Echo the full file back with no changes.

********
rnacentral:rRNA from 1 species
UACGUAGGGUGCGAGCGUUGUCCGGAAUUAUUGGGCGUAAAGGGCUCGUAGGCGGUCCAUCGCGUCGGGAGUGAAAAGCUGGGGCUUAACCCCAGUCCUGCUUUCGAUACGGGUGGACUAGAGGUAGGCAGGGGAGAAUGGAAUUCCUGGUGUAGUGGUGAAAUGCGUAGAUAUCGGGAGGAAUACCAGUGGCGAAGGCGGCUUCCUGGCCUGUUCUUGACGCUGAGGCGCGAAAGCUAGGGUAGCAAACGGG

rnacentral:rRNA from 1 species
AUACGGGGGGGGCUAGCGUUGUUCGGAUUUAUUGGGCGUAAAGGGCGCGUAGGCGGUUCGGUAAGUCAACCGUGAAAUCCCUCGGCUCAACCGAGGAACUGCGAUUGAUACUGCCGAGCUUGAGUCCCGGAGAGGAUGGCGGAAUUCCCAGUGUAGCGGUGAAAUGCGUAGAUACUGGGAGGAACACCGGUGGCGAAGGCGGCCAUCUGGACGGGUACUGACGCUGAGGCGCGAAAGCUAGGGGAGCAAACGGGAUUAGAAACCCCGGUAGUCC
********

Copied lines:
rnacentral:rRNA from 1 species
UACGUAGGGUGCGAGCGUUGUCCGGAAUUAUUGGGCGUAAAGGGCUCGUAGGCGGUCCAUCGCGUCGGGAGUGAAAAGCUGGGGCUUAACCCCAGUCCUGCUUUCGAUACGGGUGGACUAGAGGUAGGCAGGGGAGAAUGGAAUUCCUGGUGUAGUGGUGAAAUGCGUAGAUAUCGGGAGGAAUACCAGUGGCGAAGGCGGCUUCCUGGCCUGUUCUUGACGCUGAGGCGCGAAAGCUAGGGUAGCAAACGGG

rnacentral:rRNA from 1 species
AUACGGGGGGGGCUAGCGUUGUUCGGAUUUAUUGGGCGUAAAGGGCGCGUAGGCGGUUCGGUAAGUCAACCGUGAAAUCCCUCGGCUCAACCGAGGAACUGCGAUUGAUACUGCCGAGCUUGAGUCCCGGAGAGGAUGGCGGAAUUCCCAGUGUAGCGGUGAAAUGCGUAGAUACUGGGAGGAACACCGGUGGCGAAGGCGGCCAUCUGGACGGGUACUGACGCUGAGGCGCGAAAGCUAGGGGAGCAAACGGGAUUAGAAACCCCGGUAGUCC